I completely disagree: you cannot set poetry and songs apart just depending on the presence or absence of music. The difference is all in the poetic value of words and verses. With a number of songs, if you try to read aloud the lyrics you can tell there is a poetic consistency in them that emerges with or without singing. They have lyrical depth independently of music, which if anything further enhances them and makes them more powerful. It’s a synergy. Which, by the way, is what we teach here at CET.

What do you mean?
Music suggests words. We just have to learn to understand its meaning, to grasp its mysterious directions.
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Is Italian music still one of our country’s ambassadors of beauty in the world?
It certainly was in the recent past, as I witnessed directly in my career. For example, I remember when Battisti was offered a contract with The Beatles’ producer. Paul McCartney was his fan, but Lucio decided not to sign, perhaps following some bad advice. It would have been a very profitable contract, assigning him 75% of income… but he was firmly convinced against it. This is all just to say that for some time, our songs – and of course I am referring to the high quality ones, because today the “made in Italy” brand is simply not enough – were loved all over the world. Today, however, the difficult crisis we are living is undeniable.

What do you think the crisis is due to?
To a number of factors, but first of all to an education issue and, as I said, to the low consideration people have of folk culture. Luckily, today some conservative people are opening up to pop songs. CET has been invited to present projects for the pop music departments in six very important Italian conservatories.
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Which ones?
The Santa Cecilia in Rome, as well as the conservatories in Salerno, Pescara, Brescia, Matera, and Ferrara. All of these institutions are in fact constantly short on students, because the education they offer does not guarantee finding a job. Pop music is like a spark of life for these schools: it’s great music and should stop getting second-class treatment. CET is an international-level professional training school that offers the highest level of education thanks to innovative methods, and is finally starting to get some recognition. Even a few universities are beginning to pay attention to our work.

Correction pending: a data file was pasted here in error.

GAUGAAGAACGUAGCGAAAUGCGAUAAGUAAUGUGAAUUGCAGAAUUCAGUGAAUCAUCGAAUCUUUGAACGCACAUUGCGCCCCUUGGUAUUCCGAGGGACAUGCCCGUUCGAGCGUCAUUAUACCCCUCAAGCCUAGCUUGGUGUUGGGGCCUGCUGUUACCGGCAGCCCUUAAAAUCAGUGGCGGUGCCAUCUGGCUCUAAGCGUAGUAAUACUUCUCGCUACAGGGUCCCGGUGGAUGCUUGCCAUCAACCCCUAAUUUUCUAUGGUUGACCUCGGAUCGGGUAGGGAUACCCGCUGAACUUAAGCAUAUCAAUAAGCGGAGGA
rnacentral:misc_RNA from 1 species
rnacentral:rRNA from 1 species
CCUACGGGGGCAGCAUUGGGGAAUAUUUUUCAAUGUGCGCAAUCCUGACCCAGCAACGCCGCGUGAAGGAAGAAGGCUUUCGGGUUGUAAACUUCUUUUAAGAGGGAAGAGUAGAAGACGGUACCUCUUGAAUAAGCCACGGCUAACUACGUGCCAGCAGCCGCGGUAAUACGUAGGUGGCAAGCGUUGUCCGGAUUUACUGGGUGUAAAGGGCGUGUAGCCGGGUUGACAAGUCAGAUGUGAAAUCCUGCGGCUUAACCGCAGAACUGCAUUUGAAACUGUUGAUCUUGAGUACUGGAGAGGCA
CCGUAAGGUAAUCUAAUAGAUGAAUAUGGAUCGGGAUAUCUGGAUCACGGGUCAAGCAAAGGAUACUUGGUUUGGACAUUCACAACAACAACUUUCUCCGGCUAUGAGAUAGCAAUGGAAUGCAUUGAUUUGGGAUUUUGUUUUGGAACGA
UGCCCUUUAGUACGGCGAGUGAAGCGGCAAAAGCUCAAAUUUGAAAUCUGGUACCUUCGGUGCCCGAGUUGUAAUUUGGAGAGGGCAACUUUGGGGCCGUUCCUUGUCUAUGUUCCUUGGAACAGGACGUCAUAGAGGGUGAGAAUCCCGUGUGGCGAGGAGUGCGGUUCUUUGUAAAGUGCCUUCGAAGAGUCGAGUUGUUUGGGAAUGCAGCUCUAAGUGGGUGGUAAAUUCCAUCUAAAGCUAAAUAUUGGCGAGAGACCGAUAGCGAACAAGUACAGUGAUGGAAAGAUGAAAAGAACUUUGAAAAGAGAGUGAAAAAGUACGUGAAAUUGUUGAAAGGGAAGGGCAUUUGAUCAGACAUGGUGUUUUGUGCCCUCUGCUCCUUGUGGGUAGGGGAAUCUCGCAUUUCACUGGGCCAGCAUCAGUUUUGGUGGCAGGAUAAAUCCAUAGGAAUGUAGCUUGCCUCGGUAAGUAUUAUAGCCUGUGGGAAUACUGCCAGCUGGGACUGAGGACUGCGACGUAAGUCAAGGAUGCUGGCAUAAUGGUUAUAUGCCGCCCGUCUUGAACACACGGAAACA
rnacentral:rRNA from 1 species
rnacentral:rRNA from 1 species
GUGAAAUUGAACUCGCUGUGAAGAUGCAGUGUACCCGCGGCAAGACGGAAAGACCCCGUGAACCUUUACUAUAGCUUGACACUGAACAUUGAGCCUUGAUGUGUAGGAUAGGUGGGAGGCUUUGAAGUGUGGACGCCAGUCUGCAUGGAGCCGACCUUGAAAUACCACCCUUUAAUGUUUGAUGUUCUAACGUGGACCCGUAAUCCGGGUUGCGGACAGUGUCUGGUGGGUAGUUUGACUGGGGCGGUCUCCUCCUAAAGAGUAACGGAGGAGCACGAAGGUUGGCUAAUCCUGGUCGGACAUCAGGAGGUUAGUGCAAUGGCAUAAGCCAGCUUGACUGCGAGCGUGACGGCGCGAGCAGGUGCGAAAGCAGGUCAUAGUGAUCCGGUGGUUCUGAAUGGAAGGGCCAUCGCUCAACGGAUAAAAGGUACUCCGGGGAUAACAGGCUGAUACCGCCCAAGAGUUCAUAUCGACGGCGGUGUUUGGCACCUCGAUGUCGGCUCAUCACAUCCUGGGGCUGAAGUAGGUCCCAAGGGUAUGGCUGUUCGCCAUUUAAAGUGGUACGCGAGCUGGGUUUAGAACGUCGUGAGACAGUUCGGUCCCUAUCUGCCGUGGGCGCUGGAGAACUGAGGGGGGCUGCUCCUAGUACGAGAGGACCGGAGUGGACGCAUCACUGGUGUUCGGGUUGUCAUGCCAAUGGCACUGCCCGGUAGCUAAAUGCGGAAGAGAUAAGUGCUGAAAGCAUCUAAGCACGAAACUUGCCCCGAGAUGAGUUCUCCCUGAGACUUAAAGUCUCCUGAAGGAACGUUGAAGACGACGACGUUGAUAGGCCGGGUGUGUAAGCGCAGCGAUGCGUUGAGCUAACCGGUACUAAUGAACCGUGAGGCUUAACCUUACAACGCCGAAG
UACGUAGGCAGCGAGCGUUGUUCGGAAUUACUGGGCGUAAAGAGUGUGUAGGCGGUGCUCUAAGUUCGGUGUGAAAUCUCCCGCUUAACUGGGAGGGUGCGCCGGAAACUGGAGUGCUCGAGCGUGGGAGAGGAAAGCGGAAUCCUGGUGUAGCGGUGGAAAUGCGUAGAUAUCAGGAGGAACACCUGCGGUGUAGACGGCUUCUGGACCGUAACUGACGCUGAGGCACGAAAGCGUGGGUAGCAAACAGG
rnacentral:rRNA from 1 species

Can you give us some examples?
We have an agreement with the University of Tuscia, under which we teach a few classes that guarantee a good number of credits to attending students.
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What professional profiles do you focus on?
Authors, composers, and musicians. In twenty-five years of activity, we have trained 2,500 people at CET.

Are there any foreign students?
Just a few so far, mostly from Russia. The Director of the Kremlin Theater has recently paid us a visit because he is interested in exporting our concept there. In Russian culture, pop music is thought of as highly as grand opera. China is also sending positive signals…
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In what way?
In June, I held a few lessons at the University for Foreigners in Perugia, where I explained the content and meaning of the lyrics of some of my songs. There were fifty Chinese students in my class, as well as about twenty university professors from Italy, Europe, and the United States. The Chinese were very curious and asked to visit CET… However, I have to say I don’t fret about publicizing our work too much…

Why?
Because I know how important our school is. I know we are unique in the world, and that our passion has given and continues to give very important results. I am convinced that if the cultural climate in our country changes, these results will multiply. We just have to continue to do our job and give it our all.

Photos of CET are by ©E.Zanini
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Mogol in un ritratto degli anni Sessanta

Mogol in un ritratto degli anni Sessanta

Lucio Battisti e Mogol negli anni Sessanta

Lucio Battisti e Mogol negli anni Sessanta

Lucio Battisti e Mogol durante il viaggio a cavallo da Milano a Roma nell'estate del 1970

Lucio Battisti e Mogol durante il viaggio a cavallo da Milano a Roma nell’estate del 1970

Lucio Battisti e Mogol durante il viaggio a cavallo da Milano a Roma nell'estate del 1970

Lucio Battisti e Mogol durante il viaggio a cavallo da Milano a Roma nell’estate del 1970

Copertina del 33 giri di Lucio Battisti "Emozioni", pubblicato nel dicembre 1970, con brani prodotti da Battisti-Mogol

Copertina del 33 giri di Lucio Battisti “Emozioni”, pubblicato nel dicembre 1970, con brani prodotti da Battisti-Mogol

Mogol

Mogol

November 16, 2015

Mogol, CET, and folk culture. An interview